MERCED — It may not take a village, but a committee can help raise children.
A group of about a dozen parents of Merced High students met for a second time with counselors and administrators last week to learn the best ways to improve their children's performance.
It's called "Coffee With a Counselor" and the next session likely will be held in late February, said Kay Malhi, Merced High's associate principal for guidance.
The 90-minute sessions not only help parents with tips about raising their sons and daughters but help school staff come up with alternative solutions to many situations.
"I commend you (parents) for your hard work," Malhi said. "Be consistent and keep looking forward. We have all had struggles at some point, but things do improve."
The parent of a 14-year-old girl told how she constantly has to stay on top of her daughter's questionable activities. She conceded it is stressful having to discipline her daughter, who has been associating with criminal street gang members at the school.
Principal John Olson said strong parents can establish reasonable rules. He said students are under severe peer pressure and exercising tough love now will reap benefits later.
Malhi said the "Coffee With a Counselor" sessions are another school strategy to reach out and support parents. Evening meetings have been tried, but the midday sessions have proven extremely successful.
Transportation is provided for some parents.
Parent Trini Castaneda of Merced said many positive things have come out of the meetings with counselors.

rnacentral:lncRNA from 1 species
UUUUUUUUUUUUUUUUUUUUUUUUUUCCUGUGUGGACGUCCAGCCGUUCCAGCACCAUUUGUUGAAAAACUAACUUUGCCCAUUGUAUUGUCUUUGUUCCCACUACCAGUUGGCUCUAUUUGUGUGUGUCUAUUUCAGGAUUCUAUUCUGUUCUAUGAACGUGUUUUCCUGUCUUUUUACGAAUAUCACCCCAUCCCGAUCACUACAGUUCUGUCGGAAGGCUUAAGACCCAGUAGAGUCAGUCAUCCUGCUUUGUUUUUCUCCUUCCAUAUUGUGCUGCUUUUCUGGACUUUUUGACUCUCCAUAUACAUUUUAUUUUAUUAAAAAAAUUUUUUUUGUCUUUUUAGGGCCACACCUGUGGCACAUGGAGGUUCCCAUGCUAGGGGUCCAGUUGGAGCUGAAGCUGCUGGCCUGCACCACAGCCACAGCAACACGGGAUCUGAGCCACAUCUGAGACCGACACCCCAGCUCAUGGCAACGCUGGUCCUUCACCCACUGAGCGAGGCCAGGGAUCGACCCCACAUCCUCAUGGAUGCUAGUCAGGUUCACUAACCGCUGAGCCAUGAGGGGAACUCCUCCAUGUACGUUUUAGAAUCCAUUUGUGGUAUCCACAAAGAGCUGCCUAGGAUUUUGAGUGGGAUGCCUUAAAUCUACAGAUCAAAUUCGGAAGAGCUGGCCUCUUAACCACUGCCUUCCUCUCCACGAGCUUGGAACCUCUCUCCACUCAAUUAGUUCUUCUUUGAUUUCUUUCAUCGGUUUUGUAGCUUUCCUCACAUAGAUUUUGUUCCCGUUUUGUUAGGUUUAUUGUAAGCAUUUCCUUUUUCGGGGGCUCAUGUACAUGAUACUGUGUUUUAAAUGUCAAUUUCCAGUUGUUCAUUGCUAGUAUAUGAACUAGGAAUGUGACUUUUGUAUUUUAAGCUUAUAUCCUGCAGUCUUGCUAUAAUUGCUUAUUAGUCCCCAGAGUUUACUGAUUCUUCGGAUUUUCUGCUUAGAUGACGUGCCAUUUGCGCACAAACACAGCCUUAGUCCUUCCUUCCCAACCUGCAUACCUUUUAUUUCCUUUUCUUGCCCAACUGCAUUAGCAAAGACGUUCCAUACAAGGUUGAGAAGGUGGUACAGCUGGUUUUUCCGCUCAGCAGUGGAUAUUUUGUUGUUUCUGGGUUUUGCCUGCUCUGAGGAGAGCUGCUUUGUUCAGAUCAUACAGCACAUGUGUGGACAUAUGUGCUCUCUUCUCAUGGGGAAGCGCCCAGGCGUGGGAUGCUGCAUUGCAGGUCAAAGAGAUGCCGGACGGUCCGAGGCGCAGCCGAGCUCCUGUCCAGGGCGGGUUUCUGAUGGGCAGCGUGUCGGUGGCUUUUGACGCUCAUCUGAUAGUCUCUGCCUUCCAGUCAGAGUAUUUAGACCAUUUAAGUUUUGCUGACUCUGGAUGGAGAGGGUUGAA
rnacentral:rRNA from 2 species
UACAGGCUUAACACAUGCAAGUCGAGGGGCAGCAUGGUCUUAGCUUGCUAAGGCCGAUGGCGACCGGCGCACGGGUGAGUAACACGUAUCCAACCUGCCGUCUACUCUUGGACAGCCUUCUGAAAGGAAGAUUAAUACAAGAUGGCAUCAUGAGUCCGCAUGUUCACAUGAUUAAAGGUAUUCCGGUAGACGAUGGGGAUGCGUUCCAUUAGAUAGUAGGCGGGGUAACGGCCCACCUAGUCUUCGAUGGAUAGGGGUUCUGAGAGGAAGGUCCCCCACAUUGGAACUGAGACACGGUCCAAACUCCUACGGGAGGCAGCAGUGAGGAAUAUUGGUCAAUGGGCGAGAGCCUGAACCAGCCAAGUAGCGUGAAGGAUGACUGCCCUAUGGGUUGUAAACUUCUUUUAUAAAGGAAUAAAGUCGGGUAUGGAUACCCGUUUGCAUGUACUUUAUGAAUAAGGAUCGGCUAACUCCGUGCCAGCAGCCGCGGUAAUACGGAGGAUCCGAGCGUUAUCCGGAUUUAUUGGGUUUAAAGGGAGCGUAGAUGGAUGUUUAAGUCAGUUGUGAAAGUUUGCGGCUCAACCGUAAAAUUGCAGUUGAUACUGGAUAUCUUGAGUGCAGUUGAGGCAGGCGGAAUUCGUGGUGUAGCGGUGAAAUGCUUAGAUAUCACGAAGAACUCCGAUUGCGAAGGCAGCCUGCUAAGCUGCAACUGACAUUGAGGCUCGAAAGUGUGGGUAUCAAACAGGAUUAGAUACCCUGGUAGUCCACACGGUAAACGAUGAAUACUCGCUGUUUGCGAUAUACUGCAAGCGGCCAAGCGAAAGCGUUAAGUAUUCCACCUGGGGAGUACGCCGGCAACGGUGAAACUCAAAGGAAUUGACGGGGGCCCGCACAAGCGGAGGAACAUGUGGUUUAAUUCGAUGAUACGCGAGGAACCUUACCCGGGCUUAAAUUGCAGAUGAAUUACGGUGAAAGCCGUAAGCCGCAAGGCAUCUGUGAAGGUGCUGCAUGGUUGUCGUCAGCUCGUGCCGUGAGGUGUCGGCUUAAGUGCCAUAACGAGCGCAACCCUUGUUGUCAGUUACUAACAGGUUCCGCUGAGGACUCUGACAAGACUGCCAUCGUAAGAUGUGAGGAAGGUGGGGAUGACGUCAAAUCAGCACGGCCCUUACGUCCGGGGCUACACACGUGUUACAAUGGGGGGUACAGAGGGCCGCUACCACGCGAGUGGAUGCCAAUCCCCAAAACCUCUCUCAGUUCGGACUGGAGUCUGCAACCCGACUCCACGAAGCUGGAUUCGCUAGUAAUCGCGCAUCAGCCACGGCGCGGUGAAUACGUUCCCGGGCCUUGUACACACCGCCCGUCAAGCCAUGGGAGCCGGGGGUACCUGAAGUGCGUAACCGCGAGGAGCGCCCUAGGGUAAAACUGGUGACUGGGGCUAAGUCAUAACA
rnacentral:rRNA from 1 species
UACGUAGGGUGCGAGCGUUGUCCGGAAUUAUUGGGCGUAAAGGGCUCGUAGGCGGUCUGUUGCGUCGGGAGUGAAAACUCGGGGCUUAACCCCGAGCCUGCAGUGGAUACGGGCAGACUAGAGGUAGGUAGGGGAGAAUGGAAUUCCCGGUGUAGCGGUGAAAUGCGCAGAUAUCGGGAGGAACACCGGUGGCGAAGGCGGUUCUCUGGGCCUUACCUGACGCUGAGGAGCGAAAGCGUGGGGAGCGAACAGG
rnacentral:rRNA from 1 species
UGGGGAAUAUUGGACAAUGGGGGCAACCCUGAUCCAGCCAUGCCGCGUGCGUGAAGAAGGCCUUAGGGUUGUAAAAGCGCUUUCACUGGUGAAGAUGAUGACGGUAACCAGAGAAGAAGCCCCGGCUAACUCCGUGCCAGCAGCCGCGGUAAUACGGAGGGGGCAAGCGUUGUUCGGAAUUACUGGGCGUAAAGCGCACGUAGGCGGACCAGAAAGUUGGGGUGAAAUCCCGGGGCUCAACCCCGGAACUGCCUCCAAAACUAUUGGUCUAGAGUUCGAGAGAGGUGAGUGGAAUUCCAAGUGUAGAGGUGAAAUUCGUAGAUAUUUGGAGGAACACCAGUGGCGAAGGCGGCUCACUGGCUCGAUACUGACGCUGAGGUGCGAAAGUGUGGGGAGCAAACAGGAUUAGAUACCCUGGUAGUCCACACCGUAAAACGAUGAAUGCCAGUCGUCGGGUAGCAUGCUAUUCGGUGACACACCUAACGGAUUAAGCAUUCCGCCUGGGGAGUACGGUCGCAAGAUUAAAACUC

"I feel like I've grown personally," Castaneda said. "I like the fact it's personal, and I am able to share with each other our accomplishments and struggles. I'm looking forward to the next meeting and hope this continues on. This is really helpful."
Malhi urged parents to tap into their children's interests and said this could translate into more success at school. She said students are no different than other people -- they want to be respected as well.
Freshman counselor Yer Xiong said she found the session with parents to be powerful because they often come up with their own strategies of getting kids to do well in school.
Fellow freshman counselor Andrea Evans said the discussions have helped families be successful, too. She said the gatherings are an opportunity for parents to talk about their concerns and come up with solutions.
Several parents said they have had to take away cell phones, computers and Internet use, even makeup and hairspray, so their children would do their homework, be more respectful and get better grades.
Joann Ceja, the parent of twin freshman girls, said her daughters value being able to participate in the Marching 100 band and that's an incentive for them to do good in school.
"I love when they have these meetings," Ceja said of Coffee With a Counselor. "It helps out. The meetings gave lots of strategies, and I see I'm going through the same thing."
Olson pointed out that students succeed when they establish a relationship with an adult at school. Students don't want to let that person down and become accountable for their actions.
"The high school experience goes by just like that," Olson said. "It's a process. Things will work out, and they will be better people."
Reporter Doane Yawger can be reached at (209) 385-2407 or email@example.com.